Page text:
Across the North American camping market, tenting still reigns supreme, with roughly 60% of all campers using tents to enjoy the great outdoors and Millennials being the age group most likely to camp in a tent. But as the camping market grows younger and more racially and ethnically diverse, so too grows the popularity of other accommodations, according to the 2017 North American Camping Report, released today (March 15).
The report, commissioned by Kampgrounds of America Inc. (KOA) and put together by Scott Bahr of Cairn Consulting Group, states, “These changes in demographics are going to impact traditional camping, as it appears younger campers are more aggressively seeking different types of accommodations.
“While Millennials and GenXers are most likely to camp in tents, they are experimenting with different types of accommodations and say they want to try something new,” the report continues, “In 2017, Millennials and GenXers each express a desire to try out at least two different types of accommodations, which are likely to include a full-service cabin with a bathroom, or a smaller RV.”
In fact, while 60% of all campers use tents and 22% use RVs, the numbers are very different for last year’s new campers. Only 43% of new campers in 2016 tried tents, with 26% starting out in RVs and 27% starting out in a cabin-type rental, including park model RVs, the report found.
Two thirds of nonwhite campers tried new accommodations last year, compared to only half of white campers. Of those nonwhite campers, 38% tried tents, while 26% tried RVing and 20% tried staying in a cabin for the first time.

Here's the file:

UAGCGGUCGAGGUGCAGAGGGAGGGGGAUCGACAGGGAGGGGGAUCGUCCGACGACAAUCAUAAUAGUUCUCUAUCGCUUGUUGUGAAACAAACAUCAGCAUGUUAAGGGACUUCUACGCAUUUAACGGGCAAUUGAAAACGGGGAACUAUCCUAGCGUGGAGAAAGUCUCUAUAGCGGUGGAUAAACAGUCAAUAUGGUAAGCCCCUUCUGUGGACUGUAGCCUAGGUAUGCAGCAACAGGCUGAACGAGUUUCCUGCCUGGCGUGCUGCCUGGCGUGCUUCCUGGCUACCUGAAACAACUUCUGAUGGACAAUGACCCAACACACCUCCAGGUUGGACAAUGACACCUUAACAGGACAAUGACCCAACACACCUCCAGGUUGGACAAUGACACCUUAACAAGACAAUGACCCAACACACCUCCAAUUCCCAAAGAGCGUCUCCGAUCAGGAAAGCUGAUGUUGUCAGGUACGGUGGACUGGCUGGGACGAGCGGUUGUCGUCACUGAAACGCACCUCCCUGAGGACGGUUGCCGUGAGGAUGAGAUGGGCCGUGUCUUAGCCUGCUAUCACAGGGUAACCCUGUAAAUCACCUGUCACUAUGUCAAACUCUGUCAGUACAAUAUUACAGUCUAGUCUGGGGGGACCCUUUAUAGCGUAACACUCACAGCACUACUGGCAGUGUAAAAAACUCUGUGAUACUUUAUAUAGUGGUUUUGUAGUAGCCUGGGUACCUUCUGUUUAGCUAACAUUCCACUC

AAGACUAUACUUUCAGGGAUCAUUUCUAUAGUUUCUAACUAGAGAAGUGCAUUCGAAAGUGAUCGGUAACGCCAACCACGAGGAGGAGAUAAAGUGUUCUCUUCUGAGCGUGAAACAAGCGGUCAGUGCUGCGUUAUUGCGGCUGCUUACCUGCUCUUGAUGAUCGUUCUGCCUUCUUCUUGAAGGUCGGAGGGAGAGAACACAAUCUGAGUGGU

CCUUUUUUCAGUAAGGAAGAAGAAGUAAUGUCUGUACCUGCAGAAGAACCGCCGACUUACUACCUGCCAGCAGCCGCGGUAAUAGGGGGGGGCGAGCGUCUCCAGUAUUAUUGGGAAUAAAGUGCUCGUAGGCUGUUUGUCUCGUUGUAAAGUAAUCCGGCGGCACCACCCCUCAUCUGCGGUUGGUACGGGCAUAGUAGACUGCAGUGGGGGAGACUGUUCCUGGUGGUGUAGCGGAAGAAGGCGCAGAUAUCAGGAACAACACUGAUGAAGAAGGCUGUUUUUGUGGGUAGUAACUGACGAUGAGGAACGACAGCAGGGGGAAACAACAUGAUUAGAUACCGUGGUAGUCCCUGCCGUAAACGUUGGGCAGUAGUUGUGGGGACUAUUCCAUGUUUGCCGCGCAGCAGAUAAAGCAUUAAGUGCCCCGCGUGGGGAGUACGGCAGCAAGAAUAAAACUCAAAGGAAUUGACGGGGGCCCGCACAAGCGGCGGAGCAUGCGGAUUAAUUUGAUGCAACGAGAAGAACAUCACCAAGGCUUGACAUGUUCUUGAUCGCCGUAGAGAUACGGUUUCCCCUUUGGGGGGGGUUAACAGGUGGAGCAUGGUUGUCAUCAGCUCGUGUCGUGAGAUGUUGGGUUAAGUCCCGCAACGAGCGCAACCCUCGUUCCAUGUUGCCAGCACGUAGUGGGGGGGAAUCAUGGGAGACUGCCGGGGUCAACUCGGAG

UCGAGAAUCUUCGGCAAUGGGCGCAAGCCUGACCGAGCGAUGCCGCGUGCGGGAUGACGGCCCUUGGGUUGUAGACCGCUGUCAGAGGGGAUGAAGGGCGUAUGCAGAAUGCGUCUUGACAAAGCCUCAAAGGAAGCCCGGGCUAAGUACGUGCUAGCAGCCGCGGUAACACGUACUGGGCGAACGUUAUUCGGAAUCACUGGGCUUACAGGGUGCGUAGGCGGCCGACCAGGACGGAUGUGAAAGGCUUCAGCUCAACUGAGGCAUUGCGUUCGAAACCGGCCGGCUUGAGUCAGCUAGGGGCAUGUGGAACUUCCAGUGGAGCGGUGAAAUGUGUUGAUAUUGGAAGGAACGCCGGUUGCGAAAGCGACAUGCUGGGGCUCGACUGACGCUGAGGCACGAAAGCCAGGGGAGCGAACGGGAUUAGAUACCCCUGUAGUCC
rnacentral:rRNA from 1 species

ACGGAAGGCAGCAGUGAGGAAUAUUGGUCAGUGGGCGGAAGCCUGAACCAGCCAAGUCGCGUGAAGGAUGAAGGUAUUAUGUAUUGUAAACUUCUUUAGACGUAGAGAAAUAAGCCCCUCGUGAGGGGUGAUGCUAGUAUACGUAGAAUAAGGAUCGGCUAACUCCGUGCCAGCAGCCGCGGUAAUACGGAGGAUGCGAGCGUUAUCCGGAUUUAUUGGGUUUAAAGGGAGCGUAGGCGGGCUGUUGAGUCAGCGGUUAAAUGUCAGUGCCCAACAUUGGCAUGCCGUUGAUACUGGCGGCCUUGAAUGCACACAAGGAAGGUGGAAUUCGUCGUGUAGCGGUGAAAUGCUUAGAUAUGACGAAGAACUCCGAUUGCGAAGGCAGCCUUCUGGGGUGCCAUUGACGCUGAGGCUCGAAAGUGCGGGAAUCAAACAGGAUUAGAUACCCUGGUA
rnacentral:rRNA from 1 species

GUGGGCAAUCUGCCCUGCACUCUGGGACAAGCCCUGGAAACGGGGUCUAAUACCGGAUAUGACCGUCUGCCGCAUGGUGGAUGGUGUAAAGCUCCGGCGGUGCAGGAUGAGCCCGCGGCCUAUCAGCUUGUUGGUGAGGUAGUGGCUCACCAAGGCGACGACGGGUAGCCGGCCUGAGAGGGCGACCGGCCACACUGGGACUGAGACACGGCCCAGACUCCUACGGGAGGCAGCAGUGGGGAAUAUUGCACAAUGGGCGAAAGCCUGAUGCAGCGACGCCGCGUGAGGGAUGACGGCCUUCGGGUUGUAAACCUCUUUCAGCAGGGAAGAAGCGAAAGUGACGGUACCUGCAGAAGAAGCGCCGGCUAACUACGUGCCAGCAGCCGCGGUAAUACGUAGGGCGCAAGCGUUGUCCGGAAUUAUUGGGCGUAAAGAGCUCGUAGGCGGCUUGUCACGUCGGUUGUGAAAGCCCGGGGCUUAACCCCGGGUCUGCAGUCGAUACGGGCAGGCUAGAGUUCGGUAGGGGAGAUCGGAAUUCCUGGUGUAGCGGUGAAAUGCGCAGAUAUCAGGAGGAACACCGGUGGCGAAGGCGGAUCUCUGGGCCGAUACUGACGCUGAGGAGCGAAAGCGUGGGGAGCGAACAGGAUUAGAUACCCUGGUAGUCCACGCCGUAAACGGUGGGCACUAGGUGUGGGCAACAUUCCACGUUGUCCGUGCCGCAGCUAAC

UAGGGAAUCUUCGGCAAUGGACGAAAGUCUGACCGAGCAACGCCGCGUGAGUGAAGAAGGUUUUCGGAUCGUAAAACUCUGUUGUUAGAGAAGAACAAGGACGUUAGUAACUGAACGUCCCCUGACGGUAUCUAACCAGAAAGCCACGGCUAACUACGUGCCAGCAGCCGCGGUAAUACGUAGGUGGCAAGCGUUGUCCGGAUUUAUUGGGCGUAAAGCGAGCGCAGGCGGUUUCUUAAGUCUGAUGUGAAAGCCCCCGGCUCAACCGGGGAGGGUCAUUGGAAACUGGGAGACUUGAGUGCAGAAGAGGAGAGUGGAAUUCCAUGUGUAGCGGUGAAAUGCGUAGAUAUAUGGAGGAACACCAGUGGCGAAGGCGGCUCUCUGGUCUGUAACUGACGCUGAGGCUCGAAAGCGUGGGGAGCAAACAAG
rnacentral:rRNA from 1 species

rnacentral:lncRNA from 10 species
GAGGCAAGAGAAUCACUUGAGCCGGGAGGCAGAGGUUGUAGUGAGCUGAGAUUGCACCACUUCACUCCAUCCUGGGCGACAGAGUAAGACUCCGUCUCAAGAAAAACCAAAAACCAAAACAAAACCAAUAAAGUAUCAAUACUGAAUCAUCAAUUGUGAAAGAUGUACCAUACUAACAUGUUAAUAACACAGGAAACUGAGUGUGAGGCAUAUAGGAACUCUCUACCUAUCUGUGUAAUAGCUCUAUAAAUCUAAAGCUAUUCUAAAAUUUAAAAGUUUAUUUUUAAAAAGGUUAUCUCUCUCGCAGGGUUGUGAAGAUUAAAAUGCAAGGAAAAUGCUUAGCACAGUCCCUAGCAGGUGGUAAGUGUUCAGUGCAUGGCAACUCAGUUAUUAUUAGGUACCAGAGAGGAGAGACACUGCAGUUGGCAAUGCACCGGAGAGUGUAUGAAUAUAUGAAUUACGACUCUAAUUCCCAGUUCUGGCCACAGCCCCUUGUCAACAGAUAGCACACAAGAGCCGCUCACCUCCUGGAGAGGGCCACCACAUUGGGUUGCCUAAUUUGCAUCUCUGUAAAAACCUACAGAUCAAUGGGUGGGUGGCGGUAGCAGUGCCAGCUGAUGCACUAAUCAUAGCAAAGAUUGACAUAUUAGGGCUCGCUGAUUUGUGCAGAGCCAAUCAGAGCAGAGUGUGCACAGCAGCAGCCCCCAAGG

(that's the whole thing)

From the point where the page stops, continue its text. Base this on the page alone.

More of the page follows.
Looking at this year, nearly half of all nonwhite campers said they want to try an RV in 2017, including 51% of African American campers.
“To look at just the new people who started camping last year, a quarter of them camped in an RV, and with that being their first exposure into this activity, it’s likely they’ll keep RVing,” said KOA Chief Franchise Operations Officer Toby O’Rourke. “Their likelihood to purchase RVs becomes higher. I think there’s strong healthy growth there not only for campgrounds, but for the RV industry. We saw growth in diversity coming to RVs in African Americans and Asian Americans in particular.
“If we just look at the RV base, a lot of Millennials are RVing now — 33% of RVers were Millennials,” she continued. “Traditionally we’ve looked at that RV market as more of an older, white habit. Now we’re seeing younger, more diverse people giving it a try.”
The other interesting RV-specific trend O’Rourke pointed to was that about one in four RVers rented their RV last year. That’s a mix of RVs owned by campground operators, rental units from places like Cruise America or CanaDream, and even Airbnb-type sharing services like Outdoorsy.
“That’s really healthy for the rental market of our industry, because that’s the trial. Renting is important to get people to try an RV and then try camping. If they enjoy the activity and want to do more, they may invest,” she noted.
In fact, looking ahead, 78% of Millennials and 77% of Generation X campers said they would be willing to rent an RV.
KOA Vice President of Communications Mike Gast noted that the Outdoorsy type of business model is one to watch. “They’re becoming the middle man between the RV owner who may feel like they have open days or weekends that they can put into a pool. It’s a small thing at this point, but when you’ve got that kind of robust growth and interest in the lifestyle, we’re probably going to see some more of those popping up along the way.”
For a look at some of the other findings in the report, click here. The report itself is available by clicking http://koa.uberflip.com/i/794160-2017-north-american-camping-report/